Reacting to concerns many parents have expressed for years, the Riverside Brookfield High School administration has proposed creating honors-level English classes for upperclassmen at RB.

For more than 10 years RB has offered only Advanced Placement or regular classes in English to RB juniors and seniors.

Many students and parents have complained about this, saying students should have an opportunity to take a challenging class that is not quite so rigorous or time consuming as an AP class.

RB officials unveiled their proposal at a Nov. 8 meeting of the Patrons Council, an RB parents group, and to the District 208 school board meeting a day later. Roughly twice the usual number of parents came to the November meeting of the Patrons Council to hear Tim Scanlon, assistant principal of curriculum and instruction, outline the proposal.

Parents seem happy with the recommendation.

“There has been a need for this for some time because the students had a chance to do honors classes freshman or sophomore year and then junior year they didn’t have an option to do honors anymore; it either had to be AP or regular,” said Rosemary Santoro, co-president of the Patrons Council. “There was a broad gap. Students wanted to be challenged but not necessarily to load themselves down with all AP classes, so it’s really good that there’s a middle option.”

The English Department proposal will probably be voted on at the December school board meeting, where it appears likely to be approved.

A committee of four RB English teachers, longtime department Chair George Miller, and Scanlon developed the proposal. Key elements include making the current regular level American Studies course for juniors an honors-level course, creating a new honors Latin American Literature course and making the popular senior-level Shakespeare Seminar taught by Tom Fuller an honors class instead of a regular course. The proposal also calls for flipping the department’s two AP courses.

AP English Literature is currently a class taken by seniors, but if the proposal is adopted, it will become a class for juniors. AP English Language and Composition, currently taken by juniors, would become the senior level AP English class. If the proposal is adopted, next year’s upperclassmen would have the choice of taking either of the two AP English classes.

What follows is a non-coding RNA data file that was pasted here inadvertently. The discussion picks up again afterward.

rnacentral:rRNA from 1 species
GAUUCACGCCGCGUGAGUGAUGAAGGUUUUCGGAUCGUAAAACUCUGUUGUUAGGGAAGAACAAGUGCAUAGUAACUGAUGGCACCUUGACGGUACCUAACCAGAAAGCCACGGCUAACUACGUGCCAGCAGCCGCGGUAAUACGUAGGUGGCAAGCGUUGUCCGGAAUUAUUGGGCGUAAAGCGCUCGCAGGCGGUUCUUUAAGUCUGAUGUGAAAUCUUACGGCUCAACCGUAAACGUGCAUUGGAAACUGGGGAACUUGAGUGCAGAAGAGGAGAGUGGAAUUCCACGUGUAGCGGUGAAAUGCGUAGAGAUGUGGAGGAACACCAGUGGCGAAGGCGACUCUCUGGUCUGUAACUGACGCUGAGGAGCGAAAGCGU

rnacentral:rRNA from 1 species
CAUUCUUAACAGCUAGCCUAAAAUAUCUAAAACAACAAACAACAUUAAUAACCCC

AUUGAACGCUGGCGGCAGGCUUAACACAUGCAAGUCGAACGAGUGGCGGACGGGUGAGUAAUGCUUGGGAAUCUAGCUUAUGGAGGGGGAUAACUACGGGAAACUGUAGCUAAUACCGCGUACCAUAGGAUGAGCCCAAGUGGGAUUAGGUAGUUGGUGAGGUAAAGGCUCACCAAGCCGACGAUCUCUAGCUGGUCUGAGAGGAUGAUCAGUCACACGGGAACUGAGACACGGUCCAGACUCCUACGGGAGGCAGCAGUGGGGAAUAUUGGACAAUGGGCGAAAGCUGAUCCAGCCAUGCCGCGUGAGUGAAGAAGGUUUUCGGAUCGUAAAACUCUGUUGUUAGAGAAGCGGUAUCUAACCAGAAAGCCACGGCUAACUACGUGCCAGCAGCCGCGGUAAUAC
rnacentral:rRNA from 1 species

“I think it’s really going to help to switch the two AP offerings within the English Department so the one that is far more difficult is in senior year, not in junior year because a lot of kids just were not ready,” said RB Principal Pamela Bylsma. “They needed an extra year to develop their skills.”

AP English Literature’s emphasis on literary analysis should be an easier transition for students coming from Honors English 10, according to a document outlining the proposal, which also indicates that the financial and staffing impact of the proposed changes would be minimal since students are required to take four years of English to graduate from RB.

Dist. 208 board President Jim Marciniak was happy to finally receive a concrete proposal, noting it has long been an issue of concern.

“English was a particular sore point,” Marciniak said. “Not only did they create some honors options for juniors and seniors, they pretty much rewrote the road map for how a student progresses through the four years at RB in the English Department, which is cool. They did some serious thinking about it and took some looks at some other schools and how they do it and the logical sequence of how you address the literature and language and composition aspects, and then they made some serious changes. I was pleased to see that amount of effort and study went into this.”

RB’s Leadership Council has recently completed a year-long study of honors and accelerated programs at RB. It drafted an Honors Criteria meant to standardize the expectations for honors classes at RB.

“I’m glad we decided to codify what an honors course means and to actually hold up our honors course offerings for scrutiny against that standard. I think it will help everybody have a better understanding of what we’re trying to do with various challenge levels of courses at RB,” Marciniak said.

Under previous Superintendent/Principal Jack Baldermann, honors classes for upperclassmen had become virtually non-existent, replaced by AP classes which have become increasingly popular at RB and nationwide.

Some parents would like to bring back honors classes for juniors and seniors in more than just the English Department.

“People have been pretty pleased, but I’ve also heard a lot of feedback saying we wish they could do something now for the science and the math courses,” Santoro said.

But Bylsma said that in other departments, students have more choices in AP classes than in English.

“That was the area where we didn’t have many pathways for students,” Bylsma said. “There were fewer options and choices. In the social sciences, they have more AP offerings. There are just two in English.”